From Brian Doherty:
Ron Paul came in second with 23 percent, roundly outperforming all polls leading up. This is not just living up to expectations. This is exceeding them. This is, as his campaign announced, very good reason for everyone not Paul and Romney to give this campaign up. Those two define a division in style and substance that will shape the Republican Party this year, and in the future. Paul’s anti-interventionist, scrappy, radical libertarianism smashed Gingrich’s 90s think tank conservatism, Santorum’s outmoded social conservatism (which Paul nearly matched in Iowa as well) and Jon Huntsman’s smarty-pants mealy-mouthed mainstream moderate Republicanism (even with its “I don’t seem like a total jerk or fool” veneer).
From James Ostrowski:
To say that the mainstream media is extremely hostile to and biased against Ron Paul is not to allege a conspiracy but merely to acknowledge an obvious fact. A few examples will make the point. In Iowa, the MSM helped create a Santorum surge while giving him zero scrutiny and trashing Ron Paul. In New Hampshire, they did the same for Huntsman—promoting his nonexistent surge while trashing Ron Paul. There was zero scrutiny of Huntsman’s record. As with Iowa, they kept insisting that Ron Paul was fading. In spite of that attempted self-fulfilling prophesy, Ron Paul beat Huntsman decisively.
From Matt Welch:
Bottom line: Paul tripled his vote in New Hampshire over 2008, after more than doubling it in Iowa. Romney was the same in Iowa, and slightly up in New Hampshire. He’s got the Mitt-mentum, and the glide path to the nomination, but something very interesting is happening in the underbrush.
ADMIT IT: Ron Paul’s Performance In New Hampshire Was Impressive – Business Insider
How ‘dangerous’ is Ron Paul to the Republican Platform? : Ron Paul finished a strong second in New Hampshire, which means his ‘dangerous’ ideas will likely shape the GOP platform. Ron Paul followers are younger and older independents. – Christian Science Monitor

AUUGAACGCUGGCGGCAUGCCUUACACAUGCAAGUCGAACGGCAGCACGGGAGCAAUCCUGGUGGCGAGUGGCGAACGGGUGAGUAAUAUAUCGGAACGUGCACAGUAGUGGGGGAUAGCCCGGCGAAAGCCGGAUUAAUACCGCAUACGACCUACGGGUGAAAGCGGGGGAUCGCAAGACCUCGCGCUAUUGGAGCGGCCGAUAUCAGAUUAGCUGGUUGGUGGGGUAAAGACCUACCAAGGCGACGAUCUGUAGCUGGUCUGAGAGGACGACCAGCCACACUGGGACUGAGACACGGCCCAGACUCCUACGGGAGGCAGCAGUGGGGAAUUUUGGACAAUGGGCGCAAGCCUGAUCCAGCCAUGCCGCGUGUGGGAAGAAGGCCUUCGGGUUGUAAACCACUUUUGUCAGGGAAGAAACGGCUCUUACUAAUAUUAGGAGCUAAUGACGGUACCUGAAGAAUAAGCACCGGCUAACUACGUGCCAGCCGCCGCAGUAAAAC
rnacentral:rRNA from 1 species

Ron Paul Confounds New Hampshire Polling -campaignsandelections.com
Paul’s end of the night speech:
If any of the Republican candidates other than Ron Paul (or Jon Huntsman, maybe) wins the presidency, we can expect war with Iran, Syria, and Pakistan, more nation building, more policing of the world, more drone attacks that kill dozens of innocent civilians, more secret prisons, more military tribunals, more assassinations of American citizens, the expanded use of torture, more money for the military-industrial complex, and the expansion of the police state. At least, that’s what they assured us during last night’s CBS “debate” on national security issues. They had plenty of time to tell us since Ron Paul was allowed a grand total of 90 seconds of speaking time during the televised portion of the joint press conference.
But hey, if we get lucky, we might not be forced to buy health insurance.
Jonathan Bernstein is right. The GOP presidential debates have largely been substance-free on foreign policy.
Why are the debate moderators not trying to provoke more clashes like those between Ron Paul and Rick Santorum? Like Paul, Gary Johnson and Jon Huntsman also dissent from the neoconservative line on war and national security (if not to the same extent). Why won’t the moderators allow them to debate the others on this topic? These events are supposed to be debates, right?
And even aside from the largely ignored moral and strategic dimensions of American foreign policy, it’s absurd that in an election where government spending is supposedly a huge issue, none of the “top tier” Republican candidates are talking about America’s trillion dollarempire.